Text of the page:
7,500 feared to have died of coronavirus in UK care homes

Earlier this week, the Government was accused of misleading the public about the scale of the pandemic because it failed to include care home deaths in its daily briefings. Healthcare workers warned that deaths in care homes have been substantially underestimated by official figures.

The number of care home residents who have died of suspected coronavirus may have reached 7,500, according to the latest estimate, The Telegraph has learned.

By Gabriella Swerling, Social Affairs Editor 17 www.telegraph.co.uk

New data collated by Care England, the country’s largest representative body for care homes, suggests the number of deaths from Covid-19 is far higher than its previous estimate of 1,400 from earlier this week.

The number is also far in advance of the official figure from the Office for National Statistics (ONS), which has recorded 217 care home deaths from the virus up to April 3 – the most recent date for which official data is available. 

However, as the Government published its daily update on coronavirus hospital deaths on Friday, which showed a rise to 14,576, it emerged that the death toll in UK care homes is suspected to be much bigger than previously feared. 

Professor Martin Green, the chief executive of Care England, told The Telegraph that around 7,500 people may have died in care homes as a result of the virus. 

“Without testing, it is very difficult to give an absolute figure,” he said. “However, if we look at some of the death rates since April 1 and compare them with previous years’ rates, we estimate a figure of about 7,500 people may have died as a result of Covid-19.”

Care England, which represents around 3,800 homes and more than 50,000 residents, gathered data by “taking a sounding” from its homes.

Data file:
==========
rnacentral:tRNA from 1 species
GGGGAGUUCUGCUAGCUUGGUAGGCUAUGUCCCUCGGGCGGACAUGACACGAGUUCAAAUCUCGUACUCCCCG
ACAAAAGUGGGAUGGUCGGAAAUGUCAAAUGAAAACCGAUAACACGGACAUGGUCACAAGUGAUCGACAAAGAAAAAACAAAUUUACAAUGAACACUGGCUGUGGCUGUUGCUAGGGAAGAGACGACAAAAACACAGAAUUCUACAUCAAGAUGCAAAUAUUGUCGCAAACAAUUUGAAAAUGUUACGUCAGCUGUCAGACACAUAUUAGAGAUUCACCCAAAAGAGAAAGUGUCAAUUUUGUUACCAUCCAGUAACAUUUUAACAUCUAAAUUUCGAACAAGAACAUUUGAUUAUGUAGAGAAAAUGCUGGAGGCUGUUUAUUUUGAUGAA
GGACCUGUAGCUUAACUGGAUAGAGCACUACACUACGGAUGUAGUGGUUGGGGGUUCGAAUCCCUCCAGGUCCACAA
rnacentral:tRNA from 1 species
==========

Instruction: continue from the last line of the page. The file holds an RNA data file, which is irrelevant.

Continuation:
Its estimate comes amid a growing row about the extent of the coronavirus crisis in care homes and the Government’s response, as data from Public Health England confirmed that the elderly have been hardest hit by the virus, with 69 per cent of those who have died aged over 70.

Earlier this week, the Government was accused of misleading the public about the scale of the pandemic because it failed to include care home deaths in its daily briefings. Healthcare workers warned that deaths in care homes have been substantially underestimated by official figures.

Charities said the new data “will send a chill down the spine of anyone with a loved one living in a care home” as they renewed calls for increased provision of personal protective equipment (PPE) to help keep residents and carers safe.

Earlier this week, a leaked letter from care home bosses accused Number 10 of a “shambolic” response to the sector’s crisis, with “paltry” and “haphazard” deliveries of PPE. 

Matt Hancock, the Health Secretary said during the daily Downing Street briefing on Thursday that only 15 per cent of care homes had been hit by Covid-19. He told the health and social care committee on Friday that data on the deaths of care home residents with coronavirus will be published “very shortly”.

His pledge came as care professionals claimed they have not seen £1.6 billion which Rishi Sunak, the Chancellor,  announced had been set aside for social care. The Local Government Association (LGA) warned that, without a “cast-iron funding pledge”, councils will be heading towards “financial failure”.

Responding to the Care England data, Caroline Abrahams, the charity director at Age UK, said: “This is a shocking and utterly heartbreaking estimate that will send a chill down the spine of anyone with a loved one living in a care home. 

“It emphasises just how crucial it is that the Government’s commitments on PPE and testing in care homes are implemented successfully and at speed.

“As we have feared for some time, what’s going on in care homes – not only here but in many other countries too – is a tragedy in the making. It’s too late to avert this entirely, but there’s still time to make a positive difference and save many lives, of staff as well as older people.

“Central and local government and  the care home sector must work together to make this happen. And later, possibly a lot later, we have to ensure this can never happen again.” 

A Department of Health and Social Care spokesman said: “Every death from this virus is a tragedy, and that is why we are working around the clock to give the social care sector the equipment and support they need to tackle this global pandemic.

“It is important that we have the best possible reliable data to know how many deaths there are, wherever they occur. In an important step forward, ONS are now providing a breakdown of deaths by place of occurrence.

“We are currently working with CQC and other organisations to understand how to best to provide up to date information about deaths in care homes and elsewhere.”

 

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